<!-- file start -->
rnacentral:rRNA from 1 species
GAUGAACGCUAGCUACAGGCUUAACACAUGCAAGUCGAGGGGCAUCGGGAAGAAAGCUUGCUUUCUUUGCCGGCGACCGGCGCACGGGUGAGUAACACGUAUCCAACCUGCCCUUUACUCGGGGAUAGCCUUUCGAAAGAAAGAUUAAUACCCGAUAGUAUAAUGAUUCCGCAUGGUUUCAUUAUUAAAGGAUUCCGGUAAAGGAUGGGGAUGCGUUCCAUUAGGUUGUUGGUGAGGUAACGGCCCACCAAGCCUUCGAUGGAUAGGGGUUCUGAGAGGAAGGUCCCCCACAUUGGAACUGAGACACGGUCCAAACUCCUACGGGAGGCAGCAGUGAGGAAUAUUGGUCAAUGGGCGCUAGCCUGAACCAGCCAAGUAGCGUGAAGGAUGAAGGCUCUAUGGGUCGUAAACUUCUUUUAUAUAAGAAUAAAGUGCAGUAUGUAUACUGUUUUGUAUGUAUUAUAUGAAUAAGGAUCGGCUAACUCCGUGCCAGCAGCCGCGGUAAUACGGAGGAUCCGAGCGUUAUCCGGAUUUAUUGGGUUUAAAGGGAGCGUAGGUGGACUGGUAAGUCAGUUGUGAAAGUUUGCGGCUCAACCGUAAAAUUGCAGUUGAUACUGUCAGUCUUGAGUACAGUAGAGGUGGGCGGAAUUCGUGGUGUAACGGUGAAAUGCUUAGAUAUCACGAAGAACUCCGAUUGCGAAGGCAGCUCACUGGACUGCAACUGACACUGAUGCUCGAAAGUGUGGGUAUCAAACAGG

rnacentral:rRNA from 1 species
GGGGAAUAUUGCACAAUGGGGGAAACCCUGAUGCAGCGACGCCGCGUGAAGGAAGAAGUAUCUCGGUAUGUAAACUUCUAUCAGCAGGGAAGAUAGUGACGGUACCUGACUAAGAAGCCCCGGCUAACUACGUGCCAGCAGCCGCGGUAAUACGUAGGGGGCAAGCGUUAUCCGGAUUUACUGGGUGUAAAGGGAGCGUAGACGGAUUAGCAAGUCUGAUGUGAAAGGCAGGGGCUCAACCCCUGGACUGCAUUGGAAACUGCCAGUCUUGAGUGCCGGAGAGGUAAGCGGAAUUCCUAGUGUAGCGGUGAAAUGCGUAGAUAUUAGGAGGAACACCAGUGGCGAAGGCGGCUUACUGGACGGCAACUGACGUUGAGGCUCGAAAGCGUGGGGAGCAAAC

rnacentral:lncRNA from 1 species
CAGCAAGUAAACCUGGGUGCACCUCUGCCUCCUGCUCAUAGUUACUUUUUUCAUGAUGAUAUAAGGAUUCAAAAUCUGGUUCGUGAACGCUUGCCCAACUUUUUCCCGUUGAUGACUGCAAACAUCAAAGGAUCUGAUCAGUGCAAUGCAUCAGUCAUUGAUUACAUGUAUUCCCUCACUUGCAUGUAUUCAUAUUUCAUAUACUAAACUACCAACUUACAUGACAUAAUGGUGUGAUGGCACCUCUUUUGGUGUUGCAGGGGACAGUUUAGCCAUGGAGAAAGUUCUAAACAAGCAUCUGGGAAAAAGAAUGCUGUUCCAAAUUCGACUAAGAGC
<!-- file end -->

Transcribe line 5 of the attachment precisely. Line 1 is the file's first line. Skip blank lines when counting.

rnacentral:lncRNA from 1 species